DURHAM — A Triangle researcher who made important improvements to cochlear implants for the hearing-impaired will receive this years Lasker-DeBakey Clinical Medical Research Award, which is often a precursor to the better-known Nobel Prize.
Blake S. Wilson worked for RTI International for 23 years and established the cochlear implant program at Duke University, where he is co-director of the Duke Hearing Center. Wilson will share the award with two other researchers, Graeme M. Clark of Australia and Ingeborg J. Hochmair of Austria, who developed early implants for the cochlea, the part of the inner ear where sound is converted into nerve impulses.
The Albert and Mary Lasker Foundation will award the prize in New York on Sept. 20.
Among previous winners, 83 have also won the Nobel Prize, including 31 in the past two decades, according to Duke University, which, along with the Lasker Foundation, announced the award. Wilson is an adjunct professor in three departments at Duke: surgery, biomedical engineering, and electrical and computer engineering.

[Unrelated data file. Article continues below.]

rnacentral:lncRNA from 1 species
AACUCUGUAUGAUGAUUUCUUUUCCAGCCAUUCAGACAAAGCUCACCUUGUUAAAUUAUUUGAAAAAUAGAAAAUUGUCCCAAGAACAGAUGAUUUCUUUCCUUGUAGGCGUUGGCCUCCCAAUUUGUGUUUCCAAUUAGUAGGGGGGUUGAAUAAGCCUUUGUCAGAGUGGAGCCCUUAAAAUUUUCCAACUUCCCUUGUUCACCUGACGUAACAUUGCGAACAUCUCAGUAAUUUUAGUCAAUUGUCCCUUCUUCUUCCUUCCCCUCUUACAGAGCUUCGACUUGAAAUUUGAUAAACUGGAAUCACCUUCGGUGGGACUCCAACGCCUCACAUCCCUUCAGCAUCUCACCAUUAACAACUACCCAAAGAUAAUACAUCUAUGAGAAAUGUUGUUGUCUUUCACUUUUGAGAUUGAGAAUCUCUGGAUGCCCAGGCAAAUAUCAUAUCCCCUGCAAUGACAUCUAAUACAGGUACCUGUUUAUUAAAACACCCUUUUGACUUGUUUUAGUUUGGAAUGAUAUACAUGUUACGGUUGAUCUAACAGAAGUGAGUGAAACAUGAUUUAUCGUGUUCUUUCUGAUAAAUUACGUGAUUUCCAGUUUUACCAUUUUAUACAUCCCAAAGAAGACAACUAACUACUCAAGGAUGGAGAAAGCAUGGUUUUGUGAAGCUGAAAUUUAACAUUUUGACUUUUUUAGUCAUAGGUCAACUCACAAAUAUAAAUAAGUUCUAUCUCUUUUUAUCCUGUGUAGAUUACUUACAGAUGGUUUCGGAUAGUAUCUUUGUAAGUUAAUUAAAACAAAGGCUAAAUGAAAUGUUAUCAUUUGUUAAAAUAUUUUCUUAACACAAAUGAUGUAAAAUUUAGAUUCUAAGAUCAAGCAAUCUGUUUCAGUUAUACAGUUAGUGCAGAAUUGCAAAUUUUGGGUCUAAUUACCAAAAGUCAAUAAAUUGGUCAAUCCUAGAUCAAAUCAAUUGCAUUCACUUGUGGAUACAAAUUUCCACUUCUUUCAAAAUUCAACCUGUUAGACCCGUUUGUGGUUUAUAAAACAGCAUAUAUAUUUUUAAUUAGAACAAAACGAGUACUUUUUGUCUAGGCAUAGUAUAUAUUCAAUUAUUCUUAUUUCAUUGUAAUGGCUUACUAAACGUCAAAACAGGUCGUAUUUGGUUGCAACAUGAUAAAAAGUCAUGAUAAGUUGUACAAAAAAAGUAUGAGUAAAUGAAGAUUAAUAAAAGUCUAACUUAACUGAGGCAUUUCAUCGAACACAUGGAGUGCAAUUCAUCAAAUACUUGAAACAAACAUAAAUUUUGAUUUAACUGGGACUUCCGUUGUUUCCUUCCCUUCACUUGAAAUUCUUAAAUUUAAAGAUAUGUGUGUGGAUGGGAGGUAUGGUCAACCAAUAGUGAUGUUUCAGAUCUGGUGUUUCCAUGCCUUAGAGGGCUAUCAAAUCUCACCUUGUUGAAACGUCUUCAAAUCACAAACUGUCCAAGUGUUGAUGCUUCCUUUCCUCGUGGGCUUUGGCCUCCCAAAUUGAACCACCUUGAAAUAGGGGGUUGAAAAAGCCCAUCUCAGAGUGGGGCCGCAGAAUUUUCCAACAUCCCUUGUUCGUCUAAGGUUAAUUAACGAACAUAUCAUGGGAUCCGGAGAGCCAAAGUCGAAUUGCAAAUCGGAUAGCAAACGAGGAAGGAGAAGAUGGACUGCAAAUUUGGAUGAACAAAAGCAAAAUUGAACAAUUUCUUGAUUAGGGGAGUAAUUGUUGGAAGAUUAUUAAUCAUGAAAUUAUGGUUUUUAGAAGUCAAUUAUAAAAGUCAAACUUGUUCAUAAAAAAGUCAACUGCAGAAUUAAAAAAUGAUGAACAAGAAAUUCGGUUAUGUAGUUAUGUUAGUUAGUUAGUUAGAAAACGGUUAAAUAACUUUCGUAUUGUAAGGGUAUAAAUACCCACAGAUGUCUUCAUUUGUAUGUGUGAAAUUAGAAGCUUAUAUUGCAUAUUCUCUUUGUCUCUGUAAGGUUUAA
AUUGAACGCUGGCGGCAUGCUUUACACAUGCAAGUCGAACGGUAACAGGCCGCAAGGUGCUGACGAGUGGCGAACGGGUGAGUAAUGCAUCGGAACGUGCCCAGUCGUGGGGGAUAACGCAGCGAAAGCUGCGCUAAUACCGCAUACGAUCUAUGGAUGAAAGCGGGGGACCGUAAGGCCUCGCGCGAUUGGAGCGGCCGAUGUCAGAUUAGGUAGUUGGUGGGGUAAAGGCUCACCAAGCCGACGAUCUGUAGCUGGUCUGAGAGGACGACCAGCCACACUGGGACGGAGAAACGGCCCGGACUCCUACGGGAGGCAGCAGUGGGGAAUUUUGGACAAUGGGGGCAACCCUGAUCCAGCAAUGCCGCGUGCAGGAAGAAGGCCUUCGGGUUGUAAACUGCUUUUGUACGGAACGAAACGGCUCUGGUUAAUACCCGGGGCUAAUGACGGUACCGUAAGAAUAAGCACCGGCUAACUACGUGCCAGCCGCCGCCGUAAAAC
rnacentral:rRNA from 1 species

The devices developed by Clark and Hochmair helped hearing-impaired patients hear, but few who wore them could understand speech without visual cues, according to Duke. In the late 1980s, Wilson developed a cochlear system that allowed patients to understand words and sentences much more clearly.
I am thrilled to win this magnificent award along with Graeme Clark and Ingeborg Hochmair, Wilson said in a statement. Indeed, they are the foremost living pioneers in the development of the modern cochlear implant, and I am proud indeed to be in their grand company.